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February 10, 2021 12:21 pm

Church Official Declares War on Israel and Its Supporters

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avatar by Dexter Van Zile


The Israeli flag at the Western Wall in Jerusalem. Photo: Hynek Moravec via Wikimedia Commons.

Rev. Frank Chikane, moderator of the Commission of the Churches on International Affairs (CCIA) of the World Council of Churches (WCC), declared war on Israel and its supporters during a Zoom call on Saturday, February 6, 2021. He leveled a hostile and incendiary assault on the legitimacy of the Jewish state, and an implicit threat against those who support it.

Speaking to an Internet audience of more than 300 Christian activists, Chikane portrayed Israelis as demons and said that the world will seek blood from people who support Israel in its fight against the Palestinians.

“We need to begin to say to those who support Israel to brutalize Palestinians that the blood of the people of Palestine will be sought from them because they collaborate by allowing this system to continue,” he said.

Chikane, a Christian pastor from South Africa, also declared that he is convinced that the Palestinians are “dealing with the same demons we dealt with in South Africa, except that in their case, the demons have invited many other demons to make their struggle much more difficult.”

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The pastor and WCC official also declared that “it’s almost as if the whole world is against the Palestinians, nobody cares. Every day people get killed.”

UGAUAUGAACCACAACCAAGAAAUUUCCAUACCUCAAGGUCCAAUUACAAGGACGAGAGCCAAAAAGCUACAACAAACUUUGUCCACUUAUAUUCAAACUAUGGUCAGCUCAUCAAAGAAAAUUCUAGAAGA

Chikane said that in his role with the CCIA, he gets reports “on a daily basis about what’s happening in Palestine and I’ve said in my mind, ‘That’s why I would never want to be God, because God sees this thing every day, every minute, every hour, and the question is, how can the world watch this and do nothing?’”

Chikane, who offered not one word of criticism toward the Palestinians, made it perfectly clear that he is devoted to using his position of influence within the WCC to portray the Jewish state as a singular source of violence and sin in the Holy Land.

“It’s our responsibility to make sure that the world understands the brutality of what’s happening in Palestine and stop it,” he said.

The call during which Chikane made these remarks was organized by Christian organizations that share the stated goal of “peacemaking” in the Holy Land, but have a well-documented history of singling Israel out for condemnation while downplaying Palestinian hate, incitement, and violence towards Israel. These organizations included Sabeel Ecumenical Liberation Theology Center, Christ at the Checkpoint, Kairos Palestine, and the Holy Land Christian Ecumenical Foundation. Kumi Now, a Sabeel-supported activist organization,  also co-sponsored the event.

The list of participants on the Zoom call included the names of highly influential anti-Israel activists such as Naim Ateek, founder of Sabeel, and anti-Zionist authors Gary Burge and Don Wagner. The name of Brian Grieves, who regularly inveighed against Israel during his time as a staffer in the Episcopal Church, also appeared on the list of participants. So did Tom Getman, a former staffer with the evangelical non-profit World Vision, who once asked an audience of American Christians to help the Palestinians “by rooting out Zionism in American churches.”